Vannini Group
Structural biology

Vannini Group

Gene transcription is the first step that controls the expression of the genetic information encoded in a genome and ultimately underlies cell differentiation and organism development. Eukaryotic gene transcription occurs in the context of highly structured and organised genomes and acts as a coordinator of numerous events co-occurring in the nucleus. Eukaryotic transcription relies on three different RNA polymerases: RNA polymerase I (Pol I) transcribes ribosomal RNA, RNA polymerase II (Pol II) synthesizes messenger RNAs and RNA polymerase III (Pol III) produces short and non-translated RNAs, including the entire pool of tRNAs, which are essential for cell growth.

For a long time, it was assumed that only Pol II was regulated whereas Pol I and Pol III did not require such control. However, it is now clear that RNA polymerase III transcription is tightly regulated and a determinant of organismal growth. Pol III deregulation is observed in many forms of cancer and Pol III genetic mutations cause severe neurodegenerative diseases.

Furthermore, Pol III and its associated factors play a paramount role into genome structure and organisation. These “extra-transcriptional roles” are carried out throughout interactions with other cellular components such as retroelement transposition machineries, Structural Maintenance of Chromosome (SMC) complexes and specific chromatin remodellers.

The Vannini Group employs an Integrative Structural Biology approach, combining cutting-edge cryo-EM analysis, x-ray diffraction data, cross-linking and native mass-spectrometry. We integrate the structural data with molecular and cellular biology techniques in order to obtain a comprehensive view of these fundamental processes and how their mis-regulation can lead to cancer and neurodegenerative diseases.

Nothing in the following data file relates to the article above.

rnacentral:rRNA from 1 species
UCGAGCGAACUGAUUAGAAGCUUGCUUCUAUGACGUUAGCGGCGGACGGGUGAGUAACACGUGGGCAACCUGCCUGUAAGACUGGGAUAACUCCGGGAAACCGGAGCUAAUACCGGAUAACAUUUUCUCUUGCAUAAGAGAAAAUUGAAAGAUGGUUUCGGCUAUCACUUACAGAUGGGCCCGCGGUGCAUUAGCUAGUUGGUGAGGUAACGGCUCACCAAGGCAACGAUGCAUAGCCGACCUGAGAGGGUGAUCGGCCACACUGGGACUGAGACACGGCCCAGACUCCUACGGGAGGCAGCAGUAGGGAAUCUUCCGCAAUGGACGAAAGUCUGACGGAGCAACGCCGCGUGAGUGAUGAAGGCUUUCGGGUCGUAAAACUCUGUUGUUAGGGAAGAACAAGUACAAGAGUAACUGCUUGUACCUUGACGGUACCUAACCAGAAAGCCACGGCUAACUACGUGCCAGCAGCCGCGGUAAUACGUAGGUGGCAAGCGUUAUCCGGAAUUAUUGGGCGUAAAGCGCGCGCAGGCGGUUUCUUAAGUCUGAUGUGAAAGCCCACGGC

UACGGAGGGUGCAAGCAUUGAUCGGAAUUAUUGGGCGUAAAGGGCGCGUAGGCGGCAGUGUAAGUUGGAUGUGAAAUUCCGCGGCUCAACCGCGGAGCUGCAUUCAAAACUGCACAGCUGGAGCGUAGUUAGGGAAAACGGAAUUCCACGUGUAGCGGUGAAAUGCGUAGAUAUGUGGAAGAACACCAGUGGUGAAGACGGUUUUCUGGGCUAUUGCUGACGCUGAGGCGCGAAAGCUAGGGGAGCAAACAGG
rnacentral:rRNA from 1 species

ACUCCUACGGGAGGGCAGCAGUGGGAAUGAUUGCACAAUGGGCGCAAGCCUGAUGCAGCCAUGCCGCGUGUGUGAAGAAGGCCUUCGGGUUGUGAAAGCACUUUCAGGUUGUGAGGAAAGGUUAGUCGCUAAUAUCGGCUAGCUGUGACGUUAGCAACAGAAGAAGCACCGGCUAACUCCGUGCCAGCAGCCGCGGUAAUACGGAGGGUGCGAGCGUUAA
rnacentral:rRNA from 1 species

Group members


  • 11/2022 - Nature Structural & Molecular Biology

    Structural basis of SNAPc-dependent snRNA transcription initiation by RNA polymerase II

    RNA polymerase II (Pol II) carries out transcription of both protein-coding and non-coding genes. Whereas Pol II initiation at protein-coding genes has been studied in detail, Pol II initiation at non-coding genes, such as small nuclear RNA (snRNA) genes, is less well understood at the structural level. Here, we study Pol II initiation at snRNA […]

  • 09/2022 - Life Sci Alliance

    The human RNA polymerase I structure reveals an HMG-like docking domain specific to metazoans

    Transcription of the ribosomal RNA precursor by RNA polymerase (Pol) I is a major determinant of cellular growth, and dysregulation is observed in many cancer types. Here, we present the purification of human Pol I from cells carrying a genomic GFP fusion on the largest subunit allowing the structural and functional analysis of the enzyme […]

  • 12/2021 - Elife

    MCPH1 inhibits Condensin II during interphase by regulating its SMC2-Kleisin interface

    Dramatic change in chromosomal DNA morphology between interphase and mitosis is a defining features of the eukaryotic cell cycle. Two types of enzymes, namely cohesin and condensin confer the topology of chromosomal DNA by extruding DNA loops. While condensin normally configures chromosomes exclusively during mitosis, cohesin does so during interphase. The processivity of cohesin’s loop […]

  • 11/2021 - Nature Communications

    Structural basis of Ty3 retrotransposon integration at RNA Polymerase III-transcribed genes

    Retrotransposons are endogenous elements that have the ability to mobilise their DNA between different locations in the host genome. The Ty3 retrotransposon integrates with an exquisite specificity in a narrow window upstream of RNA Polymerase (Pol) III-transcribed genes, representing a paradigm for harmless targeted integration. Here we present the cryo-EM reconstruction at 4.0 Å of […]

  • 09/2021 - Molecular Cell

    A small nucleosome from a weird virus with a fat genome

    Valencia-Sánchez et al. (2021) and Liu et al. (2021) provide structural and biological insights about the existence and importance of a nucleosome-like particle in a family of giant viruses.